Nearly Christmas: Time for the book lists!

Posted on 11/11/2017 0 CommentPosted by in Books

With new releases from literary giants such as Arundhati Roy and Paula Hawkins, as well as much-hyped debuts from a clutch of exciting young authors, 2017 has been a vintage year for book lovers. With everything from the latest award-winners to the sleeper hits of the year, here are the must-read books to look out for as named by The Week and which 47 Plus could not resist.


Lincoln in the Bardo by George Saunders

George Saunders’ first novel was released in February and this year he became only the second ever American to win Britain’s highest literary award, the Man Booker Prize.

The novel is set immediately after the death of Abraham Lincoln’s 11-year-old son Willie during the US civil war.

Historical fact mixes with supernatural elements as Willie’s death raises an array of talkative ghosts, 166 to be exact, from the bardo, a Tibetan version of the afterlife.

The ghosts live in the graveyard where Willie is buried and tell the story of Lincoln’s rumored visits to the crypt to hug his son’s body.

The result is a highly original, often humorous reimagining of history which never loses sight of the father-son bond at its heart.

“Saunders’s enlivening imagination runs wild in detailing the ghosts’ bizarre manifestations, but melancholy is the novel’s dominant tone,” says Publishers Weekly.

Baroness Lola Young, the chair of the Booker Prize judging panel, said the form of the novel stood out because of its new and innovative style.

“This really stood out because of its innovation — its very different styling and the way in which it paradoxically brought to life these not-quite-dead souls in this other world,” she said. “There was this juxtaposition of the very personal tragedy of Abraham Lincoln with his public life, as the person who’d really instigated the American Civil War.”

In an interview with Interview Magazine, Saunders discussed his process of writing the novel and how he incorporated facts and his own creativity.

“There was one sequence of days when I had halfway decided to use the
historical nuggets, but I wasn’t quite sure it would work. I’d be in my room for six or seven hours, cutting up bits of paper with quotes and arranging them on the floor, with this little voice in my head saying, ‘Hey, this isn’t writing!’ But at the end of that day, I felt that the resulting section was doing important emotional work.”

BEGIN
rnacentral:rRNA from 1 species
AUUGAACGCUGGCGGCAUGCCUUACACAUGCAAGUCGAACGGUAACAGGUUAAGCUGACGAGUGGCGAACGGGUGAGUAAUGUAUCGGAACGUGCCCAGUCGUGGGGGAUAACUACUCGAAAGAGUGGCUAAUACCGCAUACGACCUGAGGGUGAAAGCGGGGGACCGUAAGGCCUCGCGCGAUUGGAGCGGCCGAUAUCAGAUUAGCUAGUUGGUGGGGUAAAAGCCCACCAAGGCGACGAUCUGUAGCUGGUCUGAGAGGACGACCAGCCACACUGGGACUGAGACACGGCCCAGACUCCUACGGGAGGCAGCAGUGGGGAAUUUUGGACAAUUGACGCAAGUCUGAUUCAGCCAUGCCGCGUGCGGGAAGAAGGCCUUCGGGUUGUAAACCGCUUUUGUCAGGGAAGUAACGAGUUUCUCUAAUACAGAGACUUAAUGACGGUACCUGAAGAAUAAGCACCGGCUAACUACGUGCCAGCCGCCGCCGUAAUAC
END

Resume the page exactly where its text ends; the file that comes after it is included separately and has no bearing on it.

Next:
Men Without Women by Haruki Murakami
Contemporary literary master Haruki Murakami’s Men Without Women catalogues seven tales of men who have found themselves wandering through life alone.

The author, known for the likes of Norwegian Wood and IQ84, says his first collection of short stories in nine years charters a world filled with “vanishing cats and smoky bars, lonely hearts and mysterious women, baseball and the Beatles, woven together to tell stories that speak to us all”.

Murakami’s previous book, Colourless Tsukuru Tazaki and His Years of Pilgrimage, became a New York Times bestseller and his latest writings are said to feature the same wry humour that has defined his entire body of work.

Ranked by The Guardian‘s Steven Poole as “among the world’s greatest living novelists”, Murakami is renowned for his tales of emotion and intrigue and is sure to delight readers with his new collection.

The Ministry of Utmost Happiness by Arundhati Roy
It has been 20 years since Arundhati Roy published her Booker prize-winning debut novel The God of Small Things, so the release of her second book, The Ministry of Utmost Happiness, is “perhaps the most eagerly awaited book of the year”, says The Guardian.

The first reviews will appear closer to the book’s release date, but the publisher promises “a glorious cast of unforgettable characters, caught up in the tide of history”.

House of Names by Colm Toibin
A new work by arguably Ireland’s greatest living write, House of Names is a “spellbinding adaptation” of Aeschylus’s drama, says Vogue.

Focusing on Agamemnon’s sacrifice of his daughter Cassandra and its tragic consequences, the book has a “controlled, hushed quality, like that of a Morandi still life, which only serves to heighten the terror and pity of the tale”, says The Guardian.

Full list here.

Main image: Follow Me Life

Murakami image: The Booklist Reader

Roy image: Verve Magazine

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